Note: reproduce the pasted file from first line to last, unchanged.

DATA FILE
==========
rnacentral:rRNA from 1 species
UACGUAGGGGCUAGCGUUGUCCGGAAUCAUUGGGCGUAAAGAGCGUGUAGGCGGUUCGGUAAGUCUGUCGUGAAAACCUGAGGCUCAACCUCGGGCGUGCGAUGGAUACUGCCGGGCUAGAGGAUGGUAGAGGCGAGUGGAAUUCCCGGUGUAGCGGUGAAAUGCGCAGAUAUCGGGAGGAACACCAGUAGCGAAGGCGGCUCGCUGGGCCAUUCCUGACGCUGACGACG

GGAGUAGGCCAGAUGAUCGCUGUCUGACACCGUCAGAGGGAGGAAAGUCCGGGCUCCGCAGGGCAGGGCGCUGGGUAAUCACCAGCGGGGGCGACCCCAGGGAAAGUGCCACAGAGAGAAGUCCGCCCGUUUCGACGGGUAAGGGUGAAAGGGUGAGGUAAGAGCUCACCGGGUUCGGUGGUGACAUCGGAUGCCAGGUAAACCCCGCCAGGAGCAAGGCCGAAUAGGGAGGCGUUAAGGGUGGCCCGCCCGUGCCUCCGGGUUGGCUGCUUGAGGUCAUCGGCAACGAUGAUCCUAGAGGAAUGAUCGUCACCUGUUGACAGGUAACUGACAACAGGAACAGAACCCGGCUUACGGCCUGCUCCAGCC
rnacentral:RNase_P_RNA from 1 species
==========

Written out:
rnacentral:rRNA from 1 species
UACGUAGGGGCUAGCGUUGUCCGGAAUCAUUGGGCGUAAAGAGCGUGUAGGCGGUUCGGUAAGUCUGUCGUGAAAACCUGAGGCUCAACCUCGGGCGUGCGAUGGAUACUGCCGGGCUAGAGGAUGGUAGAGGCGAGUGGAAUUCCCGGUGUAGCGGUGAAAUGCGCAGAUAUCGGGAGGAACACCAGUAGCGAAGGCGGCUCGCUGGGCCAUUCCUGACGCUGACGACG

GGAGUAGGCCAGAUGAUCGCUGUCUGACACCGUCAGAGGGAGGAAAGUCCGGGCUCCGCAGGGCAGGGCGCUGGGUAAUCACCAGCGGGGGCGACCCCAGGGAAAGUGCCACAGAGAGAAGUCCGCCCGUUUCGACGGGUAAGGGUGAAAGGGUGAGGUAAGAGCUCACCGGGUUCGGUGGUGACAUCGGAUGCCAGGUAAACCCCGCCAGGAGCAAGGCCGAAUAGGGAGGCGUUAAGGGUGGCCCGCCCGUGCCUCCGGGUUGGCUGCUUGAGGUCAUCGGCAACGAUGAUCCUAGAGGAAUGAUCGUCACCUGUUGACAGGUAACUGACAACAGGAACAGAACCCGGCUUACGGCCUGCUCCAGCC
rnacentral:RNase_P_RNA from 1 species